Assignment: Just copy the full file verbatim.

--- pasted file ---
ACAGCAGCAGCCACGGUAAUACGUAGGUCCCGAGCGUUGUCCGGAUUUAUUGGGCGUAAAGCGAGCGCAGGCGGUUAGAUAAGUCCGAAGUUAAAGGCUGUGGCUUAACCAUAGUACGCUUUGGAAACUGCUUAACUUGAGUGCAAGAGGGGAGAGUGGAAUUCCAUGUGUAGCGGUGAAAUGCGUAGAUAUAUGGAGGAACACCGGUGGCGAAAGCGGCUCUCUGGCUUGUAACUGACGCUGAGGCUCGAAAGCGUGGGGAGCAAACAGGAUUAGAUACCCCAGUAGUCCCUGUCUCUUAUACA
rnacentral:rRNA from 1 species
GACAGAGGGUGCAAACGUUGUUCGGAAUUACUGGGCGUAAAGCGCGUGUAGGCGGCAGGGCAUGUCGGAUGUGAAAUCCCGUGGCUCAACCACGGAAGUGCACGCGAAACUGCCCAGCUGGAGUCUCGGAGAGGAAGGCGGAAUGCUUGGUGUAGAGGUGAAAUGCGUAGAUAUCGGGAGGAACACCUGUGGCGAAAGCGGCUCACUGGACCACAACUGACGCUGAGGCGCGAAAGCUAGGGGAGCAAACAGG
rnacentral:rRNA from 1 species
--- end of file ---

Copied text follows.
ACAGCAGCAGCCACGGUAAUACGUAGGUCCCGAGCGUUGUCCGGAUUUAUUGGGCGUAAAGCGAGCGCAGGCGGUUAGAUAAGUCCGAAGUUAAAGGCUGUGGCUUAACCAUAGUACGCUUUGGAAACUGCUUAACUUGAGUGCAAGAGGGGAGAGUGGAAUUCCAUGUGUAGCGGUGAAAUGCGUAGAUAUAUGGAGGAACACCGGUGGCGAAAGCGGCUCUCUGGCUUGUAACUGACGCUGAGGCUCGAAAGCGUGGGGAGCAAACAGGAUUAGAUACCCCAGUAGUCCCUGUCUCUUAUACA
rnacentral:rRNA from 1 species
GACAGAGGGUGCAAACGUUGUUCGGAAUUACUGGGCGUAAAGCGCGUGUAGGCGGCAGGGCAUGUCGGAUGUGAAAUCCCGUGGCUCAACCACGGAAGUGCACGCGAAACUGCCCAGCUGGAGUCUCGGAGAGGAAGGCGGAAUGCUUGGUGUAGAGGUGAAAUGCGUAGAUAUCGGGAGGAACACCUGUGGCGAAAGCGGCUCACUGGACCACAACUGACGCUGAGGCGCGAAAGCUAGGGGAGCAAACAGG
rnacentral:rRNA from 1 species